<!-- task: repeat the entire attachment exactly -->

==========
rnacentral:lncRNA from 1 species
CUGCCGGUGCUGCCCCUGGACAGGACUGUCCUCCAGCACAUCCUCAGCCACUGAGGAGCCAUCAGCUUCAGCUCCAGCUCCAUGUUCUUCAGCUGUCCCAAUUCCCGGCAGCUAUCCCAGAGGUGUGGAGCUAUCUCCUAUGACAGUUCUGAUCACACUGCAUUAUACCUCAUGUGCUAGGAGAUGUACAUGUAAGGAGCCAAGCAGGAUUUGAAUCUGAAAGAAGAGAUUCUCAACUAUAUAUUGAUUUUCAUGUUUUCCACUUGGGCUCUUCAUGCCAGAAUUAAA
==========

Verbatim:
rnacentral:lncRNA from 1 species
CUGCCGGUGCUGCCCCUGGACAGGACUGUCCUCCAGCACAUCCUCAGCCACUGAGGAGCCAUCAGCUUCAGCUCCAGCUCCAUGUUCUUCAGCUGUCCCAAUUCCCGGCAGCUAUCCCAGAGGUGUGGAGCUAUCUCCUAUGACAGUUCUGAUCACACUGCAUUAUACCUCAUGUGCUAGGAGAUGUACAUGUAAGGAGCCAAGCAGGAUUUGAAUCUGAAAGAAGAGAUUCUCAACUAUAUAUUGAUUUUCAUGUUUUCCACUUGGGCUCUUCAUGCCAGAAUUAAA